First-time clergy deputy Melissa McCarthy seconded Nishibayashi’s words, adding, “It’s awesome in the true sense of the word — awe-inspiring. I love that [Curry] talks about Jesus.”
“I really am just thrilled by this process and feel honored to be a part of it,” said Michael Bamberger, clergy deputy and rector of Church of the Ascension, Sierra Madre. “I’m also just very excited for our church — to have an evangelist, a pastor, a preacher, someone who cares deeply for the love of God and for God’s people — it’s just wonderful.
Church leaders express high hopes
“This is a historic day for the Episcopal Church, and I think we can move forward with our mission and ministry under this new dynamic leadership,” said Barbara Harris, first woman to be elected a bishop in the Anglican Communion.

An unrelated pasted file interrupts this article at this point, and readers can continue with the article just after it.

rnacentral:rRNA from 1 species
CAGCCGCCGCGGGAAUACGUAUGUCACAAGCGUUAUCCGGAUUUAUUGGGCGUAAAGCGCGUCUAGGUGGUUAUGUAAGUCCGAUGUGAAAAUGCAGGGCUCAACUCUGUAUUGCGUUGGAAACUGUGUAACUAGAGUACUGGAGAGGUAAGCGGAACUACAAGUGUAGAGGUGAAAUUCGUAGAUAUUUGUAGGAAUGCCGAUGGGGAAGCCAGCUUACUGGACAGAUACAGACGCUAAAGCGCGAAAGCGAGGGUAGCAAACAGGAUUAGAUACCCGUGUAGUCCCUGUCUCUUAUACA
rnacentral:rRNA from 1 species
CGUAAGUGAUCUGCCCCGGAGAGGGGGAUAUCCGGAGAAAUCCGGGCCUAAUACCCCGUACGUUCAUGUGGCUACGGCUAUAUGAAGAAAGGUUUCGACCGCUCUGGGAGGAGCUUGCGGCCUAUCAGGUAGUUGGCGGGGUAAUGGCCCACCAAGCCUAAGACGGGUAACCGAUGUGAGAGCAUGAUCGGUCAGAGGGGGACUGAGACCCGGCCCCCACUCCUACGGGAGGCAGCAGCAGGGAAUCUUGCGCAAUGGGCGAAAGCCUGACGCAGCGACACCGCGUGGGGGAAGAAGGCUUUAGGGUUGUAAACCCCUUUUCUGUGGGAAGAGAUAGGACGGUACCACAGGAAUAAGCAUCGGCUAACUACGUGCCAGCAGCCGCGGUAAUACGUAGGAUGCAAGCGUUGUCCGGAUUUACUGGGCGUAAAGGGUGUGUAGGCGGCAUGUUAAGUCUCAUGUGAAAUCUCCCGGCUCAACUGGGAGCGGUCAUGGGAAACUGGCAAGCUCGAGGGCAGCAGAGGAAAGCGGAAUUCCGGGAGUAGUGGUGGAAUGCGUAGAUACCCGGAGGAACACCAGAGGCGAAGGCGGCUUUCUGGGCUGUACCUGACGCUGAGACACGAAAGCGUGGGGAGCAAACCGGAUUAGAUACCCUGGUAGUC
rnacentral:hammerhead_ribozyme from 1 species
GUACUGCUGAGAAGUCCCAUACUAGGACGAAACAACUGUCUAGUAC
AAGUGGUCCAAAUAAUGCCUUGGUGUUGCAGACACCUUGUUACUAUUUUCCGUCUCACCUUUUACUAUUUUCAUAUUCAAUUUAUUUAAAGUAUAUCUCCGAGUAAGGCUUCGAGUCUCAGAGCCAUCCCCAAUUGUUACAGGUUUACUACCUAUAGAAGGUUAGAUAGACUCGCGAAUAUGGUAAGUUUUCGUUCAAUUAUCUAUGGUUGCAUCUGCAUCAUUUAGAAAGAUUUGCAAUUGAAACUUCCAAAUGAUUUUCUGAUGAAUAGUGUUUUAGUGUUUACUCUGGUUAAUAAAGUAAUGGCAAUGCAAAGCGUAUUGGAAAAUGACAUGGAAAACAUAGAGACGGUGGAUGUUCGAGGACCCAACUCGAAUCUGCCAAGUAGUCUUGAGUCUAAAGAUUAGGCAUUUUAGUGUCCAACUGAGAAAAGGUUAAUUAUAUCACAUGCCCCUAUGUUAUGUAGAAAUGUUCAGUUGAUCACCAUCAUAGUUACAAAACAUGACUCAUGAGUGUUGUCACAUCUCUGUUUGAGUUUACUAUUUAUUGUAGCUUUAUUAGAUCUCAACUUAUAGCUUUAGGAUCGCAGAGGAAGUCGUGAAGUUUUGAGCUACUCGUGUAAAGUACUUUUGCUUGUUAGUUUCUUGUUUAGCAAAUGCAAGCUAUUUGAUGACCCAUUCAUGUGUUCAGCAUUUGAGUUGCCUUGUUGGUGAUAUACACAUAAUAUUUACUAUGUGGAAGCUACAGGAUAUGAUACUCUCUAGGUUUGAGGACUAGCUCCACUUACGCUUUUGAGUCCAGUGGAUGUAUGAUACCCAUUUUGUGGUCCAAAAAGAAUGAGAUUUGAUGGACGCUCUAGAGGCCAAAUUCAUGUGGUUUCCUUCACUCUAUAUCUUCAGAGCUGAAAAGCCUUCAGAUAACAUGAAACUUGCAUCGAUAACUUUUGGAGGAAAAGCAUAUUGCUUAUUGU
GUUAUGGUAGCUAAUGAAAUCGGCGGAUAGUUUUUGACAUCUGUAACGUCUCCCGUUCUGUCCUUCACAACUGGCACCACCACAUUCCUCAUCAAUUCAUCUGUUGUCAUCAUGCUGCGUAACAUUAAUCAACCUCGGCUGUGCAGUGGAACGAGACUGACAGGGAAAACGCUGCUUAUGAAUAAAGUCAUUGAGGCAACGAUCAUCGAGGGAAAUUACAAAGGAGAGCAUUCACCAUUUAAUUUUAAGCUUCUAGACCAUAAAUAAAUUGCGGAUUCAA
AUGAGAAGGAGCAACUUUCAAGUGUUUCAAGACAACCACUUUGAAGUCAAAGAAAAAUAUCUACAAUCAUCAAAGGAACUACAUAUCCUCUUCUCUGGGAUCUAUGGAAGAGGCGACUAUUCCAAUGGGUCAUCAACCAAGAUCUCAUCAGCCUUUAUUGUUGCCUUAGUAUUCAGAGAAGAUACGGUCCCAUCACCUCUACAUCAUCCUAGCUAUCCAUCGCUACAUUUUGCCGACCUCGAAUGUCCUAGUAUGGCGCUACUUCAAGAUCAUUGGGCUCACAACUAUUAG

“I never thought I’d live to see the day that Katharine Jefferts Schori was elected presiding bishop, and I never thought I’d live to see the election that this day brought — and on the first ballot at that,” said Harris, who also is African American.
Michael Moore, deputy from East Tennessee, said that he believed Curry’s election had little to do with his race. “He got elected because he is an evangelist, because of his sincerity, his spirituality and bringing people together,” he said. “Through him we can send a message to the world and to my daughter, who’s become cynical about the church. He can bring us all together, not just black people who’ve left, but he can also give white people hope.”